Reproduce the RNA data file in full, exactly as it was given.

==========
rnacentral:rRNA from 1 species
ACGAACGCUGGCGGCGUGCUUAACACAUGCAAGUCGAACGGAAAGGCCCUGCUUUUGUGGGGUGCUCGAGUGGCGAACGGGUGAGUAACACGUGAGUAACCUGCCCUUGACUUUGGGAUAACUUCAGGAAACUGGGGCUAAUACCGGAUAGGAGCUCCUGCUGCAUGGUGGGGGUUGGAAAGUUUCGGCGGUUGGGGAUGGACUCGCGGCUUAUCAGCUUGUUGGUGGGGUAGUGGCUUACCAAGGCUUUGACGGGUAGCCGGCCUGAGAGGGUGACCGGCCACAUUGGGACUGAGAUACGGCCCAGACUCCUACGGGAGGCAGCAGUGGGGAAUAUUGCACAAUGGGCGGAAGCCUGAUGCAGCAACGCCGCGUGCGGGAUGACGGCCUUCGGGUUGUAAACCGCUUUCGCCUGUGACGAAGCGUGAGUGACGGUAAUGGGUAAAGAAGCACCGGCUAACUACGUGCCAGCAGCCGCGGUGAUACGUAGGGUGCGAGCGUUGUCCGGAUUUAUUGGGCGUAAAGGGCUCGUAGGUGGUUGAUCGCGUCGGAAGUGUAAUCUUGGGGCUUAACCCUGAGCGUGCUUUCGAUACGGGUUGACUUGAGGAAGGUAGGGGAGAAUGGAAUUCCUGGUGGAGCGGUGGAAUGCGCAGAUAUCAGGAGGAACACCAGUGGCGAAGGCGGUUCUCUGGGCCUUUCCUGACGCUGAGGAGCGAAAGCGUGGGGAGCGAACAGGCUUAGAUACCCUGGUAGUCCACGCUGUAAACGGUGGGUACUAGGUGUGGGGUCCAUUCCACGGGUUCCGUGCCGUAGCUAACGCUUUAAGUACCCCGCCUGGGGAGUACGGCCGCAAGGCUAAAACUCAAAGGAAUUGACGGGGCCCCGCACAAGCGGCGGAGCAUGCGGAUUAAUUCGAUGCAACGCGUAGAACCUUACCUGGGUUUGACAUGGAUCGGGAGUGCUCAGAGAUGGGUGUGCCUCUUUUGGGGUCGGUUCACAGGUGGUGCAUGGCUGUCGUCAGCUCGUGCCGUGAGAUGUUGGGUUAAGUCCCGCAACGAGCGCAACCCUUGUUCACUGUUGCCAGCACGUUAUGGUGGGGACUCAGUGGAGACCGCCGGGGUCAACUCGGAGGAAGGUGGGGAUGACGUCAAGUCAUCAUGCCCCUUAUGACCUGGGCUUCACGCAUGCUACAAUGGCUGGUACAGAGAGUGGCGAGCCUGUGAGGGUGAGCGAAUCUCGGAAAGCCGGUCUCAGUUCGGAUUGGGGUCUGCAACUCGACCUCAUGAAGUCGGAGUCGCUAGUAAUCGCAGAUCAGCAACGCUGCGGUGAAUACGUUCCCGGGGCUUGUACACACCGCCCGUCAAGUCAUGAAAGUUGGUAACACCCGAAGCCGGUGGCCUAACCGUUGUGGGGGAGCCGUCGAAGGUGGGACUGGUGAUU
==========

rnacentral:rRNA from 1 species
ACGAACGCUGGCGGCGUGCUUAACACAUGCAAGUCGAACGGAAAGGCCCUGCUUUUGUGGGGUGCUCGAGUGGCGAACGGGUGAGUAACACGUGAGUAACCUGCCCUUGACUUUGGGAUAACUUCAGGAAACUGGGGCUAAUACCGGAUAGGAGCUCCUGCUGCAUGGUGGGGGUUGGAAAGUUUCGGCGGUUGGGGAUGGACUCGCGGCUUAUCAGCUUGUUGGUGGGGUAGUGGCUUACCAAGGCUUUGACGGGUAGCCGGCCUGAGAGGGUGACCGGCCACAUUGGGACUGAGAUACGGCCCAGACUCCUACGGGAGGCAGCAGUGGGGAAUAUUGCACAAUGGGCGGAAGCCUGAUGCAGCAACGCCGCGUGCGGGAUGACGGCCUUCGGGUUGUAAACCGCUUUCGCCUGUGACGAAGCGUGAGUGACGGUAAUGGGUAAAGAAGCACCGGCUAACUACGUGCCAGCAGCCGCGGUGAUACGUAGGGUGCGAGCGUUGUCCGGAUUUAUUGGGCGUAAAGGGCUCGUAGGUGGUUGAUCGCGUCGGAAGUGUAAUCUUGGGGCUUAACCCUGAGCGUGCUUUCGAUACGGGUUGACUUGAGGAAGGUAGGGGAGAAUGGAAUUCCUGGUGGAGCGGUGGAAUGCGCAGAUAUCAGGAGGAACACCAGUGGCGAAGGCGGUUCUCUGGGCCUUUCCUGACGCUGAGGAGCGAAAGCGUGGGGAGCGAACAGGCUUAGAUACCCUGGUAGUCCACGCUGUAAACGGUGGGUACUAGGUGUGGGGUCCAUUCCACGGGUUCCGUGCCGUAGCUAACGCUUUAAGUACCCCGCCUGGGGAGUACGGCCGCAAGGCUAAAACUCAAAGGAAUUGACGGGGCCCCGCACAAGCGGCGGAGCAUGCGGAUUAAUUCGAUGCAACGCGUAGAACCUUACCUGGGUUUGACAUGGAUCGGGAGUGCUCAGAGAUGGGUGUGCCUCUUUUGGGGUCGGUUCACAGGUGGUGCAUGGCUGUCGUCAGCUCGUGCCGUGAGAUGUUGGGUUAAGUCCCGCAACGAGCGCAACCCUUGUUCACUGUUGCCAGCACGUUAUGGUGGGGACUCAGUGGAGACCGCCGGGGUCAACUCGGAGGAAGGUGGGGAUGACGUCAAGUCAUCAUGCCCCUUAUGACCUGGGCUUCACGCAUGCUACAAUGGCUGGUACAGAGAGUGGCGAGCCUGUGAGGGUGAGCGAAUCUCGGAAAGCCGGUCUCAGUUCGGAUUGGGGUCUGCAACUCGACCUCAUGAAGUCGGAGUCGCUAGUAAUCGCAGAUCAGCAACGCUGCGGUGAAUACGUUCCCGGGGCUUGUACACACCGCCCGUCAAGUCAUGAAAGUUGGUAACACCCGAAGCCGGUGGCCUAACCGUUGUGGGGGAGCCGUCGAAGGUGGGACUGGUGAUU